Buffalo Sabres GM Kevyn Adams said disgruntled star Jack Eichel has not yet requested a trade after Eichel's contentious news conference Monday in which he openly questioned whether he'd play in Buffalo next season.
Adams said the Sabres, who finished in last place in the NHL this season, had to be willing to look at "any and all scenarios" to help the franchise improve. For Eichel and forward Sam Reinhart -- the team's leading scorer, who said he didn't want to go through another rebuild in Buffalo -- Adams said the team wants players who are committed to the franchise.
"Are you part of the solution? Do you want to be here? Do you want to be part of something great? Do you want to make this fan base proud, or don't you? And if the answer is 'no,' then we'll make those decisions," said Adams, who just completed his first season as the team's general manager.
Eichel said he felt "disconnected" from the Sabres after the team wouldn't allow him to undergo experimental surgery on a herniated disk in his neck. Combine that with six seasons in Buffalo without a single playoff appearance and the team captain's frustrations appear to have boiled over.
"It's been tough at times. Right now, for me, the most important thing is just trying to get healthy [and] figure out a way to be available to play hockey next year, wherever that might be," said Eichel, who is signed through the 2025-26 season and has a full no-movement clause that kicks in after next season.
As far as the "disconnect" between the sides goes, Adams said that after Eichel was injured in a March 7 game against the New York Islanders, an MRI by team doctors revealed a herniated disk in his neck and a "conservative care" method of injury rehab was suggested, with the hope that he could return to play this season. Not long after that, Eichel asked about a second opinion, and the organization supported that exploration.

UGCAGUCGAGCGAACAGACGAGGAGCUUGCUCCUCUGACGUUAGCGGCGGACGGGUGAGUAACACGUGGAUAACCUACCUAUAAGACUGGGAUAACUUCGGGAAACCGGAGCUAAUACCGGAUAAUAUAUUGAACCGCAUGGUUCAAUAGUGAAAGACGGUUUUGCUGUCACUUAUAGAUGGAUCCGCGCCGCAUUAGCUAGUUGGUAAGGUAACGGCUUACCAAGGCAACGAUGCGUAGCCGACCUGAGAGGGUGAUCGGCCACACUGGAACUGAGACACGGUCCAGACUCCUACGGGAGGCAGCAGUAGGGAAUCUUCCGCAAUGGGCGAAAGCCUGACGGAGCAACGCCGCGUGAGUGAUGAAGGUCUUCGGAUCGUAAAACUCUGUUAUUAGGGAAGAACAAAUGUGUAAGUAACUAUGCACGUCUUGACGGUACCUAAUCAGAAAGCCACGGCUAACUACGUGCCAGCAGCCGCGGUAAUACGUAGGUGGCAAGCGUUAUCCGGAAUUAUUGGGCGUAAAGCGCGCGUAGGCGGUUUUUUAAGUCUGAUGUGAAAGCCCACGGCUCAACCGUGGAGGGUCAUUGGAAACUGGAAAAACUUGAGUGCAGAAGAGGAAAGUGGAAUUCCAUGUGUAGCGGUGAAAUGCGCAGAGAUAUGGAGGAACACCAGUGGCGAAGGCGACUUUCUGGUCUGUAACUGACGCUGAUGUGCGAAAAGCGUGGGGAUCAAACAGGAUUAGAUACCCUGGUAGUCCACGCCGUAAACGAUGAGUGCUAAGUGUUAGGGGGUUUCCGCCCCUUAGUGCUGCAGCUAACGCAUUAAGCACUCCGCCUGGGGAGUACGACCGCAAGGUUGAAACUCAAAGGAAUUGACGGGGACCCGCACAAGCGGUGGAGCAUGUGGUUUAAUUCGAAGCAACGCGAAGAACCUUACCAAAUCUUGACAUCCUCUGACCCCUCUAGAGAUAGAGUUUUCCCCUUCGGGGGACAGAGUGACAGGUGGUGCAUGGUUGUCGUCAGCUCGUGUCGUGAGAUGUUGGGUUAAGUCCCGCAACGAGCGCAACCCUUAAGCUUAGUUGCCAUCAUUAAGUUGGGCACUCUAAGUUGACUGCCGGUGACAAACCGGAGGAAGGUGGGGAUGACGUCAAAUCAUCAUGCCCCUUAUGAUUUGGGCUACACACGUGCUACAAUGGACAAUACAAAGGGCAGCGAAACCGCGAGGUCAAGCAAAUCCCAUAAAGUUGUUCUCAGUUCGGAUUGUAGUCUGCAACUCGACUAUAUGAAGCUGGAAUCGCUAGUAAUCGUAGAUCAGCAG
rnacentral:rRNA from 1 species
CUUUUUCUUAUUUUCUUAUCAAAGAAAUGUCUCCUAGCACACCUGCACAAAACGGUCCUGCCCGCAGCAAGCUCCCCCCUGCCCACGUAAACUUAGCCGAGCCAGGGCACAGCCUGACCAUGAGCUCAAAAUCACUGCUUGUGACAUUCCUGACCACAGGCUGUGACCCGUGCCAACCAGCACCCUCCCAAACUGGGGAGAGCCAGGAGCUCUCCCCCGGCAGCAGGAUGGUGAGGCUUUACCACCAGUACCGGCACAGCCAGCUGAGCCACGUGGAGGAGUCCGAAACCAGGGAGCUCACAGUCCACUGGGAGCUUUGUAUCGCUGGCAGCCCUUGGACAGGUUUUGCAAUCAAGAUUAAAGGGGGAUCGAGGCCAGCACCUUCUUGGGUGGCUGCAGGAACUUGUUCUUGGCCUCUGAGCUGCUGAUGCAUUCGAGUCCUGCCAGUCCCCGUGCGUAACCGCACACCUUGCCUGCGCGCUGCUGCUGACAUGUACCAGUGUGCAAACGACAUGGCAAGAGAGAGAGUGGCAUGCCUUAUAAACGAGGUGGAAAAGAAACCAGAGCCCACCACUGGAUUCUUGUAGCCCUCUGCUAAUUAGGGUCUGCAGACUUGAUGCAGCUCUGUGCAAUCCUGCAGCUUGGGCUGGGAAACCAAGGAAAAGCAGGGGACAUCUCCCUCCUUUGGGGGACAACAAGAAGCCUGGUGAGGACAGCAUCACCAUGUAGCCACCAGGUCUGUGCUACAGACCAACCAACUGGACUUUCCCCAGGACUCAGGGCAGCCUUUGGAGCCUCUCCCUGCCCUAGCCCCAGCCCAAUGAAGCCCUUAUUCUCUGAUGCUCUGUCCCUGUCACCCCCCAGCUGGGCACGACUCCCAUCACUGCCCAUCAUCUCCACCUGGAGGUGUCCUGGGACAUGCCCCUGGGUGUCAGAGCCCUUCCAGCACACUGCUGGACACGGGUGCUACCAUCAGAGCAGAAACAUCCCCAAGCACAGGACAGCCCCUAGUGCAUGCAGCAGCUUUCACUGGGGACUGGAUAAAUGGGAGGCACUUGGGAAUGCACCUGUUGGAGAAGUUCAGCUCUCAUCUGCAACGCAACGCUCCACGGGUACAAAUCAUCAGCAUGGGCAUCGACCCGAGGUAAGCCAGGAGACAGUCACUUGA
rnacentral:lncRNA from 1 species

But Adams said "the doctors and the experts" all agreed on a "conservative rehab approach" rather than surgery. "Typically in this situation, there's a conservative rehab approach where you can avoid surgery and you're able to come back and perform at the top of your game. And we're still in that window, a 12-week mark that takes us to the end of May and early June," said Adams. "What's been discussed by Jack's camp is potentially having a surgery that's never been on an NHL player before, and our doctors weren't comfortable with that."
Reports are that the procedure Eichel was seeking is an artificial disk replacement in his neck. Adams played 10 seasons in the NHL. He said as a player or as an executive, he would defer to what the experts are saying about the right medicinal path to wellness.
"I don't read MRIs. I listen to the experts. And it's important that everyone understand that these highly regarded medical professionals all agree that conservative care is the way to go here. And that's not just the Sabres' doctors, that's the second opinions that we're in," he said.
The Sabres are entering an offseason of critical decisions. Beyond the future of their star player, they also have to determine whether interim coach Don Granato has earned the job on a full-time basis. Adams said Buffalo would interview other candidates for the job.
After Adams' news conference Wednesday, it was still unclear whether Eichel would be on the roster when the new head coach takes over.